The Department of Homeland Security has approved family-based visa petitions for 112,000 Haitians who nevertheless remain on a wait list of about 3 to 11 years in Haiti, where many may not survive. DHS should promptly reunite these families beginning with the most vulnerable or deserving, like 15,000 minor children and spouses of permanent residents whose wait is nearly three years.
30,000 persons have been paroled since 2009 under DHS’s Cuban Family Reunification Parole Program; a similar Haitian program makes sense. Hundreds of thousands of Cuban, Indochinese, and Kosovar refugees have been paroled into the U.S. over the years.
Please read and co-sign the letter to the President at by clicking on “petition” or “Add My Name Now”! This is a national petition campaign — signatories may live anywhere in the United States — and we are grateful to Massachusetts State Rep. Linda Dorcena Forry for having written it. The Institute for Justice & Democracy in Haiti has 572 signatures after just one week and are aiming for 5,000 to 10,000!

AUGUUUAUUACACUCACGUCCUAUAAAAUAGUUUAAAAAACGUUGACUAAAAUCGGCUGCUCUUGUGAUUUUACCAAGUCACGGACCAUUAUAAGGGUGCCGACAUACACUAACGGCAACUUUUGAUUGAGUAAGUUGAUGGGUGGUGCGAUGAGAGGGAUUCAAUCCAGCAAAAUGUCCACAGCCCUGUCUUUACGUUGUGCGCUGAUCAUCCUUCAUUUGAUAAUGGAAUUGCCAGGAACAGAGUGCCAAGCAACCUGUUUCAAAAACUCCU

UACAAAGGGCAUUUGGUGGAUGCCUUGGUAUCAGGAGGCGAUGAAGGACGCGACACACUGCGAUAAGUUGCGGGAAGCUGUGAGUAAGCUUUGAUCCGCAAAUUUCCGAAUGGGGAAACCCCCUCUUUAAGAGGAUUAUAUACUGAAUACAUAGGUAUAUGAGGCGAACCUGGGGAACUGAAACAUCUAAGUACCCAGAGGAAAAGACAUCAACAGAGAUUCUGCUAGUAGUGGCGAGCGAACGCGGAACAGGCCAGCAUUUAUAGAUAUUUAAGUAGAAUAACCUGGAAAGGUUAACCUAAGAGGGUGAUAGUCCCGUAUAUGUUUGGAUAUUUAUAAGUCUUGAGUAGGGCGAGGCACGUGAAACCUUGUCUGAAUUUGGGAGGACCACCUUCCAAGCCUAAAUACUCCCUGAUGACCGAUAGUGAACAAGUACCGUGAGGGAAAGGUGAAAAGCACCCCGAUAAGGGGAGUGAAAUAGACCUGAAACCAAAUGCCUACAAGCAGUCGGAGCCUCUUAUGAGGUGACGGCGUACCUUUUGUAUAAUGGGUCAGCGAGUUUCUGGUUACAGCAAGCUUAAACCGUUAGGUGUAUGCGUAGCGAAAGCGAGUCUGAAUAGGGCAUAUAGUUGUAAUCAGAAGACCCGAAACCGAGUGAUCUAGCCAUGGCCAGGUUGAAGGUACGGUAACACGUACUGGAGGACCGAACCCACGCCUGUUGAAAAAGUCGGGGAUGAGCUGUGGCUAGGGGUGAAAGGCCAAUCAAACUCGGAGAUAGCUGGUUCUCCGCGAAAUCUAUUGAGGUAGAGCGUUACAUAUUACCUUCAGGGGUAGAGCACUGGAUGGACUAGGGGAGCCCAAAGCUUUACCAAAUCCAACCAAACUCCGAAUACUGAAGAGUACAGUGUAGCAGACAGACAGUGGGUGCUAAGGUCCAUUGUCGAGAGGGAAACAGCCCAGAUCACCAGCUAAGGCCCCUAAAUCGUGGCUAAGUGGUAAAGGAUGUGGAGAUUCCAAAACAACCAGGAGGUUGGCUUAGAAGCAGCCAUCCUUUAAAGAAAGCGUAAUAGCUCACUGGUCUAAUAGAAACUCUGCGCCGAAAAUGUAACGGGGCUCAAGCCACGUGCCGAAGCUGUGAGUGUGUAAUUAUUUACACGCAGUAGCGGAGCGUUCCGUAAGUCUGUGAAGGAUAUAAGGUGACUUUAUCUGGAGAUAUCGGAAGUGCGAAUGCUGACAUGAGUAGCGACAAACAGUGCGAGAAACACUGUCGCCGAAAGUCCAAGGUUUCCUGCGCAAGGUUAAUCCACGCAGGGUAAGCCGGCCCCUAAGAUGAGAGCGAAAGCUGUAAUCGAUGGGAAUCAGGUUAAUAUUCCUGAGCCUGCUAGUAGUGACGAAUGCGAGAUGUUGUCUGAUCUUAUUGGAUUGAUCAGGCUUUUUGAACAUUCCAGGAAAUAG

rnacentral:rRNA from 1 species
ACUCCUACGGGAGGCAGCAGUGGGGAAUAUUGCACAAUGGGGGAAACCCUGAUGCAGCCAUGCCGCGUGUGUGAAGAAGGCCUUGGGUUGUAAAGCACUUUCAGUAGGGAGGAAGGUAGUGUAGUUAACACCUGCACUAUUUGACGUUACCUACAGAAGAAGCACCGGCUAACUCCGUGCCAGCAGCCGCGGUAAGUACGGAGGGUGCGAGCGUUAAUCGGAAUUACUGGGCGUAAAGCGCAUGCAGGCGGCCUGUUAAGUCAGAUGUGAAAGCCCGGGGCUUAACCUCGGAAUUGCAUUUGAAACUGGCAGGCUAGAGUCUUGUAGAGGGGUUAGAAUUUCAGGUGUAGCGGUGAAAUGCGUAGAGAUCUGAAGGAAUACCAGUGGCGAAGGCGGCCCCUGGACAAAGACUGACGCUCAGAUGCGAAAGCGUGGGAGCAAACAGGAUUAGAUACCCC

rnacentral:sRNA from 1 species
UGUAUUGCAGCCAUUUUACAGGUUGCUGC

Senators Rubio and Nelson and House Foreign Affairs Chair Ros-Lehtinen are among 90 Congresspersons who support this goal.
The Center for Global Development, in “Migration as a Tool for Disaster Recovery: A Case Study on U.S. Policy Options for Post-Earthquake Haiti,” June 2011, urges DHS to create a Haitian FRPP, cites the Cuban program as precedent and notes:
- Rather than waiting 3 to 11 years for a visa in Haiti, beneficiaries could be paroled into the United States where they can be reunited with family and have employment authorization.
- The proposal has merit not only for the humanitarian purpose it would serve but also to enable Haitians to send more remittances home and foster economic development with greater speed.
- Instituting a family reunification parole program for Haitians is simpler than it may appear, since it requires no congressional action.
- The Cuban program’s rationale of saving lives at sea and providing for orderly migration applies with equal force to Haiti.
- No one would get a “green card” any sooner — like the Cubans, they’d just be able to wait for them here w/their families rather than in Haiti.